Wall Street Journal editor Stewart (Hunting the Tiger: The Fast Life and Violent Death of the Balkans' Most Dangerous Man, 2008) makes use of the legacy of a 1930s explorer and adventurer in a new attempt to locate a fabled city in the tropical rain forests of Honduras.
The author found a walking stick and map that once belonged to Theodore Morde, who claimed to have discovered Ciudad Blanca, the White City, in 1939. Stewart’s research also produced the logs and records, which included interviews with Indian inhabitants and uncovered Morde's great knack for storytelling. Even Stewart and his experienced archaeologist guide Chris Begley were unsure about what they had found and whether they followed Morde's trail to the city he claimed to have discovered. But they have crafted a clear trail to follow on the way. Set against a background of the latest military coup in Honduras and the activities of narcotraficantes, corporate jungle destroyers, pirates, robbers and other human predators, as well as deadly snakes and insects and almost impenetrable jungle, their modern search bears eerie parallels to the trail made by Morde and his companions. Back then, the United Fruit Company was on the march, and exiles from Nazi Germany were trying to scratch a living from the unforgiving terrain. Stewart left his wife and daughter in Brooklyn and traveled to the Mosquito Coast, from which he set off overland. Modern transportation, however, seemed less reliable than the river routes followed by the earlier crew, and the modern explorers embarked on an exciting journey in search of landmarks, tribes and, in the depths of the jungle, the Monkey-men, worshipers of the Monkey God.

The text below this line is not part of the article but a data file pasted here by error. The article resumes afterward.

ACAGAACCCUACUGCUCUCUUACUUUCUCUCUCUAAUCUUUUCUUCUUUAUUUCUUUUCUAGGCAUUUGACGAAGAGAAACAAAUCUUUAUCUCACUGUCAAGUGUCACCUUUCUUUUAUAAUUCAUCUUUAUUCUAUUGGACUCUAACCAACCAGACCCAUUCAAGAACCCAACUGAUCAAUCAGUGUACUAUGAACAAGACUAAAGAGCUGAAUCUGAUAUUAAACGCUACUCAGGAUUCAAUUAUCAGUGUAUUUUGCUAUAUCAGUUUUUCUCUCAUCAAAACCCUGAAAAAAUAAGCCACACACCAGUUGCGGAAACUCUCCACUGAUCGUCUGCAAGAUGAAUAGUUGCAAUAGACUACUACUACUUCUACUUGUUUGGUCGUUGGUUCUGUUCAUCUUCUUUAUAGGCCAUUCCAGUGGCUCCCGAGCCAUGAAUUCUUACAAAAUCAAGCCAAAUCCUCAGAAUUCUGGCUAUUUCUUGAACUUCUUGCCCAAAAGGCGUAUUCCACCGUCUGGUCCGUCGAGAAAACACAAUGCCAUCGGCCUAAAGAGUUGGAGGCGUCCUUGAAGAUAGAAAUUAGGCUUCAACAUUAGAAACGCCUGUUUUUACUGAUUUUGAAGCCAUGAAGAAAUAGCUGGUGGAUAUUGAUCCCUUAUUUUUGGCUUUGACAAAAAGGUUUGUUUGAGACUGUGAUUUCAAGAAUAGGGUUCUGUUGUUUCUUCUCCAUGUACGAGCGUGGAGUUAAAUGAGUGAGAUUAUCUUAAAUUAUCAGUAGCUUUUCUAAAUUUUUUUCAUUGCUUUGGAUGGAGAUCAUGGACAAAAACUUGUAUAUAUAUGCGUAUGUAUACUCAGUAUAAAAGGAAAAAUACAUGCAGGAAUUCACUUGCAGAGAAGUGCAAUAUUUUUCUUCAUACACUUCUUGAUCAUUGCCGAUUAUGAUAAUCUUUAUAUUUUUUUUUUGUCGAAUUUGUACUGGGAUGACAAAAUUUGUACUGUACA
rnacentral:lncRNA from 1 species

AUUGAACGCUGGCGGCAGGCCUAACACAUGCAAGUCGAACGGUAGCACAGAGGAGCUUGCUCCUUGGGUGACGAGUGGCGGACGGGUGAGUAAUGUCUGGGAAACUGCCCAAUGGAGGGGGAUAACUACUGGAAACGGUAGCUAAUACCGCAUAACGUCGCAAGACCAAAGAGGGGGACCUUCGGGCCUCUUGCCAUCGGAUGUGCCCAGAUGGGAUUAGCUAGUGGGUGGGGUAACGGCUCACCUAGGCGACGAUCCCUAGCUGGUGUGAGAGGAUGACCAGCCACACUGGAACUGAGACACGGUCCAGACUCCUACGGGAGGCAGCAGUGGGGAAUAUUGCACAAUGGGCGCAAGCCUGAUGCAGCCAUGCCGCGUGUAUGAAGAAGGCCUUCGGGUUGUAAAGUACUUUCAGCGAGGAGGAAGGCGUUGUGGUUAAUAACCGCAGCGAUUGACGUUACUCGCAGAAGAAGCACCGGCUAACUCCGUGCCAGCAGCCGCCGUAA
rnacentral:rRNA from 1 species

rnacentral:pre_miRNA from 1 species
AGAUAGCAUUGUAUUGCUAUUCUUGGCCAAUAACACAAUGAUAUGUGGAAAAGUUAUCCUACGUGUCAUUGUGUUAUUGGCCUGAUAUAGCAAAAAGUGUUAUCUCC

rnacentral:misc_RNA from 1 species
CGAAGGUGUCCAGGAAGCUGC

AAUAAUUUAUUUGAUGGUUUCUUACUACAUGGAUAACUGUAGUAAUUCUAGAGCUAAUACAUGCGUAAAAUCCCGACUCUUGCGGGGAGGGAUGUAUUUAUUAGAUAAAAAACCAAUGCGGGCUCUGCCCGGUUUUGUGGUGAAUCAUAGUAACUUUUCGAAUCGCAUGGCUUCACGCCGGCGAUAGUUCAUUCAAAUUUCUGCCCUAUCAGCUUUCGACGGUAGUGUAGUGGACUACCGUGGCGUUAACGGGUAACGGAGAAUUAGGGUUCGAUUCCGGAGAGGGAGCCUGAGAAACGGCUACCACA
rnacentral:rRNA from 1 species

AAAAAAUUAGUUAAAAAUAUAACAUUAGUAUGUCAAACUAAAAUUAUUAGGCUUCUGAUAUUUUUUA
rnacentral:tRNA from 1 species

A great revival of an older genre, the treasure hunt, and associated adventures.